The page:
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Discussion Starter · #1 ·
Hello.

After 6 years owning a motorboat together with my broter, my wife and I decided to go sailing. We took a small weekendcourse, and the sound of switching the engine off was a delight! To shorten a short story, we bought a Maxi 108 (35') last fall.

We have a lot to learn, and I have alreade read a lot of very usefull information on this forum. Now we are looking forward to be cruising southeast of Norway.
 

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Discussion Starter · #4 ·
Thanks.

Sunphish; not to bad at the moment. 20F. Could have been a lot colder. And the wetherman says it will be.

Knuterikt; I live in Lillestrøm, but the boat is at Hvaler. A litle drive, but much closer to some good places.
 

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I was not familiar with that boat, must be that not many have made it to the US. I like the layout, at least from the pictures I looked at looks quite roomy. You guys in Europe seem to get a lot of smaller makes that we never get to see over here.
 

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I was not familiar with that boat, must be that not many have made it to the US. I like the layout, at least from the pictures I looked at looks quite roomy. You guys in Europe seem to get a lot of smaller makes that we never get to see over here.
The Swedish Maxi boats designed by Pelle Peterson it well known in Europe

List of his designs - incomplete I think. More than 16000 built.
Sailboat designs of Pelle Petterson by year

 

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Hello to both eisvin and knuterikt:

"Not many Norwegian members here, but you will find some here."

I have recently become interested in Norway, the Land of Vikings, Sardines, Grieg, and... Katzenjammer.
Here in the US, Norwegian boats are not well known, except for Ankers' famous Dragon Class "Williwaw", in which the US took Gold in the 1968 Olympics. Occasionally, one will see a Dragon on SF Bay, but the Knarrs are more popular these days, and still race in Fleets.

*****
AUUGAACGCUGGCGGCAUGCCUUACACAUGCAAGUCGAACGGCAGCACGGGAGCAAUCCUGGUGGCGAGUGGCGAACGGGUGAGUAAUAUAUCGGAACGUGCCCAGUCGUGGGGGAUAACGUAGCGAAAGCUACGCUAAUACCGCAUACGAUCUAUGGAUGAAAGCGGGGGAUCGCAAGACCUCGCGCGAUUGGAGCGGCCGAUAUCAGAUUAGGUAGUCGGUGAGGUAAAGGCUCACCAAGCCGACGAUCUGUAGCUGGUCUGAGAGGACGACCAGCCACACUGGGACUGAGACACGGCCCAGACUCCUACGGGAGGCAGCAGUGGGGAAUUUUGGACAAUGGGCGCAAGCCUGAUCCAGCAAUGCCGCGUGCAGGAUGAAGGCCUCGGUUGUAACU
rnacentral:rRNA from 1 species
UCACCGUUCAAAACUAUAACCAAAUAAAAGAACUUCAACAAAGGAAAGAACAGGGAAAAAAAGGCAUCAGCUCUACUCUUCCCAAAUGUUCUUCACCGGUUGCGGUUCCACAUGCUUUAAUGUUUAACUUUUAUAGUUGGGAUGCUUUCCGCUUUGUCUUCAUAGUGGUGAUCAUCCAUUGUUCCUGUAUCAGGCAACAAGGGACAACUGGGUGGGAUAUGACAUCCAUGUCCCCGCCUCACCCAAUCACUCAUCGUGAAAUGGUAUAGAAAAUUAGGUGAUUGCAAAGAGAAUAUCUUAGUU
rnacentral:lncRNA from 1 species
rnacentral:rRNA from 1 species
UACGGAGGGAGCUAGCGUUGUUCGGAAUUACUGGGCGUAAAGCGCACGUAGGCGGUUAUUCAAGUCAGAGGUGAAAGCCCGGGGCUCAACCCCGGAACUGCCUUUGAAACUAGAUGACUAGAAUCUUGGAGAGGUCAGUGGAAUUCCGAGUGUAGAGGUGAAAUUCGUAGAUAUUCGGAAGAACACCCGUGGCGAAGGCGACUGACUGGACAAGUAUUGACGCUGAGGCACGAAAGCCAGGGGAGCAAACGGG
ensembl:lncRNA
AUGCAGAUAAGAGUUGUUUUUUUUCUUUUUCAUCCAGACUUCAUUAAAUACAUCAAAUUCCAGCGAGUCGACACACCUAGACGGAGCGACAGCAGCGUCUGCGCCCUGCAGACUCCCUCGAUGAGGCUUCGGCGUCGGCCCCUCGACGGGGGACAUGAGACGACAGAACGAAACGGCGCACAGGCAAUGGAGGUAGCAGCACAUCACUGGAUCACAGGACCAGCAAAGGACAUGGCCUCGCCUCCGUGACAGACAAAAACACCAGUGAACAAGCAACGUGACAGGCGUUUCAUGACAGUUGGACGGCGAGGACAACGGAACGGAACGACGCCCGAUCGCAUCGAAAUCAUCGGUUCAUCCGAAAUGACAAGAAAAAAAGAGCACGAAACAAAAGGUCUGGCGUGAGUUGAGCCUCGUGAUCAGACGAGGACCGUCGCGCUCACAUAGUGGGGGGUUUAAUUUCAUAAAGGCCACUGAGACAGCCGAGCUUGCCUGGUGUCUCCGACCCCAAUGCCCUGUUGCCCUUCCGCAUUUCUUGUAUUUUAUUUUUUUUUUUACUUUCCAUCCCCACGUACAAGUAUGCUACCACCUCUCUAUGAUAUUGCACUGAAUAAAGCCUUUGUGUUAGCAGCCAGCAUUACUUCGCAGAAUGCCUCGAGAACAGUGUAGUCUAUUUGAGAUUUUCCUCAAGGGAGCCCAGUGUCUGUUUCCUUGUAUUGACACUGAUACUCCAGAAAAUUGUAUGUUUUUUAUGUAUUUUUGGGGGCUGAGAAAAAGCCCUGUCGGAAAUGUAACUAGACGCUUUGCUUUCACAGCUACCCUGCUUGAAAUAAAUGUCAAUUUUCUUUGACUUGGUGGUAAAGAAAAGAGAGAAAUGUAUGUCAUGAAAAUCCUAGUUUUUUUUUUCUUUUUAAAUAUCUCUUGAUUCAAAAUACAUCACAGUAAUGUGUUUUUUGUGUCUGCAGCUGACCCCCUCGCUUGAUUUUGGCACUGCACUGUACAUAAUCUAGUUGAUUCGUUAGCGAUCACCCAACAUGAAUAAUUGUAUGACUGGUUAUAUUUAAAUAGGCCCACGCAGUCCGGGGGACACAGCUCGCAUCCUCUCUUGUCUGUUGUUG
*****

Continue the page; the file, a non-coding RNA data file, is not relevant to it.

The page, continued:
"Williwaw" is an Aleut word for a strong wind gust from an unexpected direction, that roughly translates as "Holy Crap, Hang On!" I have some personal experience with this phenomenon, sailing down the coast of California. Given those Fjords, Norwegians may have a similar expression.

Another word that I have an interest in is "Dollymopp". This is definitely Norwegian, or at least Scandinavian, in origin; an Old Norwegian, Nils Andersson, explained it to me this way: A mess of ropes tied off to a Cleat, a Bollard, or a Dolly. The meaning has changed over the years, at least in the English speaking world.
Nils had a Finnsailor, named "Matros". "Matros" roughly translates to 'Working Sailor", which Nils was until his retirement. He first sailed out on a Norwegian fishing schooner as a teen, around 1930.

I've always liked the Maxis, but I've only seen one in person. But I tend to like a lot of boats.
Just down the dock from me is the Swede 55 "Contessa", (55 refers to the nominal Class Sail Area Limit, in square metres.), and it is a beautiful boat.

¬Erindipity
(Katzenjammer, anybody?)
 

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Hello to both eisvin and knuterikt:

"Not many Norwegian members here, but you will find some here."

I have recently become interested in Norway, the Land of Vikings, Sardines, Grieg, and... Katzenjammer.
Here in the US, Norwegian boats are not well known, except for Ankers' famous Dragon Class "Williwaw", in which the US took Gold in the 1968 Olympics. Occasionally, one will see a Dragon on SF Bay, but the Knarrs are more popular these days, and still race in Fleets.

"Williwaw" is an Aleut word for a strong wind gust from an unexpected direction, that roughly translates as "Holy Crap, Hang On!" I have some personal experience with this phenomenon, sailing down the coast of California. Given those Fjords, Norwegians may have a similar expression.

Another word that I have an interest in is "Dollymopp". This is definitely Norwegian, or at least Scandinavian, in origin; an Old Norwegian, Nils Andersson, explained it to me this way: A mess of ropes tied off to a Cleat, a Bollard, or a Dolly. The meaning has changed over the years, at least in the English speaking world.
Nils had a Finnsailor, named "Matros". "Matros" roughly translates to 'Working Sailor", which Nils was until his retirement. He first sailed out on a Norwegian fishing schooner as a teen, around 1930.

I've always liked the Maxis, but I've only seen one in person. But I tend to like a lot of boats.
Just down the dock from me is the Swede 55 "Contessa", (55 refers to the nominal Class Sail Area Limit, in square metres.), and it is a beautiful boat.

¬Erindipity
(Katzenjammer, anybody?)
"Dollymopp" is a new word to me, but in Norwegian it's allowed to make new words by putting together existing words
Mopp=mop (used for cleaning)
Dolly I don't know

Matros is the same as able seaman I think.

Not so many sailboat designs from Norway in the last years, but we have some.

Katzenjammer
 
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